Volume 5 Supplement 3

Abstracts from the Food Allergy and Anaphylaxis Meeting 2014

Open Access

Development of a prediction model of severe reaction in oral food challenge

  • Sugiura Shiro1,
  • Matsui Teruaki1,
  • Sasaki Kemaru1,
  • Nakagawa Tomoko1,
  • Nakata Joon1,
  • Kando Naoyuki1 and
  • Ito Komei1
Clinical and Translational Allergy20155(Suppl 3):O21

https://doi.org/10.1186/2045-7022-5-S3-O21

Published: 30 March 2015

Recently, oral food challenge testing (OFC) is performed not only to confirm a diagnosis of food allergy but also to evaluate the threshold dose and severity of anaphylactic reaction. We have proposed a new scoring system (Anaphylaxis Scoring Aichi: ASCA) for a quantitative evaluation of anaphylactic reaction observed in an OFC, and TS/Pro (Total Score of ASCA / cumulative protein dose) to represent the overall severity of reaction (Ito K; EAACI 2013, Milan).

The purpose of this study was to identify the clinical factors contributing to high TS/Pro, and to develop a prediction model for severe reaction.

Development Phase: Patients resulted in positive OFC to egg (n=198), milk (n=106) and wheat (n=105) performed during April 2012 to May 2013(egg, milk), to November (wheat). Validation phase: All patients who performed an OFC, irrespective of the result, during June 2013 to October 2013(egg), June 2013 to March 2014(milk), April 2011 to March 2012(wheat). Patients lacking laboratory data within 6 month before OFC were excluded.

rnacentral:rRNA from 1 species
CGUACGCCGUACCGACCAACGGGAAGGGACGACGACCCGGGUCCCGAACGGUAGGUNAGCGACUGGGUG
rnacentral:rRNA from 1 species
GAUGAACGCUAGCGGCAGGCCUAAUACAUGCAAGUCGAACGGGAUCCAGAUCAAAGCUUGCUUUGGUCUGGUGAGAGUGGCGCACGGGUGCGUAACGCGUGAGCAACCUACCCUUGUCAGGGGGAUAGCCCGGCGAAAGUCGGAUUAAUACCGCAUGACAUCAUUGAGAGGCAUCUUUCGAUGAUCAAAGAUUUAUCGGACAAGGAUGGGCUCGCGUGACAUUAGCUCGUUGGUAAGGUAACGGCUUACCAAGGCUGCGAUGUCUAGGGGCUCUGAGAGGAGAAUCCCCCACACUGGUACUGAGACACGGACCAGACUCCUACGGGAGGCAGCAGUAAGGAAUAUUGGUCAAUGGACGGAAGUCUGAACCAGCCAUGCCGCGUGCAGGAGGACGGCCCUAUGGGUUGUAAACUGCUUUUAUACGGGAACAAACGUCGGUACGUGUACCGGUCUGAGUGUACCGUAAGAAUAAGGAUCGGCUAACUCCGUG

“Severe reaction” was defined as the TS/Pro higher than the median score of each allergen (egg: 30, milk: 75, wheat: 50). Multivariate logistic regression analysis was done to predict the severe reaction (criterion variable), using allergen-specific IgE titer (ImmunoCAP, sIgE class) and some clinical factors as explanatory valuables.

sIgE class and some clinical factors (total IgE, age, history of anaphylaxis, complete avoidance of the allergen) were independently associated with severe reaction, with some variation between allergens. Based on the sIgE class and the proportion of each factor, we made a simple prediction model. In the development phase, the prediction model for egg, milk and wheat showed good predictive value by ROC analysis; AUC 0.83, 0.84 and 0.90, respectively, which were better than simply applying the sIgE class of each allergen. Good prediction was reproduced in the validation phase; AUC 0.84, 0.80 and 0.87, respectively.

The prediction model was useful to decide the indication of OFC and to make a safer OFC protocol.

Authors’ Affiliations

(1)
Department of Allergy, Aichi Children’s Health and Medical Center

Copyright

© Shiro et al; licensee BioMed Central Ltd. 2015

This article is published under license to BioMed Central Ltd. This is an Open Access article distributed under the terms of the Creative Commons Attribution License (http://creativecommons.org/licenses/by/4.0), which permits unrestricted use, distribution, and reproduction in any medium, provided the original work is properly cited. The Creative Commons Public Domain Dedication waiver (http://creativecommons.org/publicdomain/zero/1.0/) applies to the data made available in this article, unless otherwise stated.

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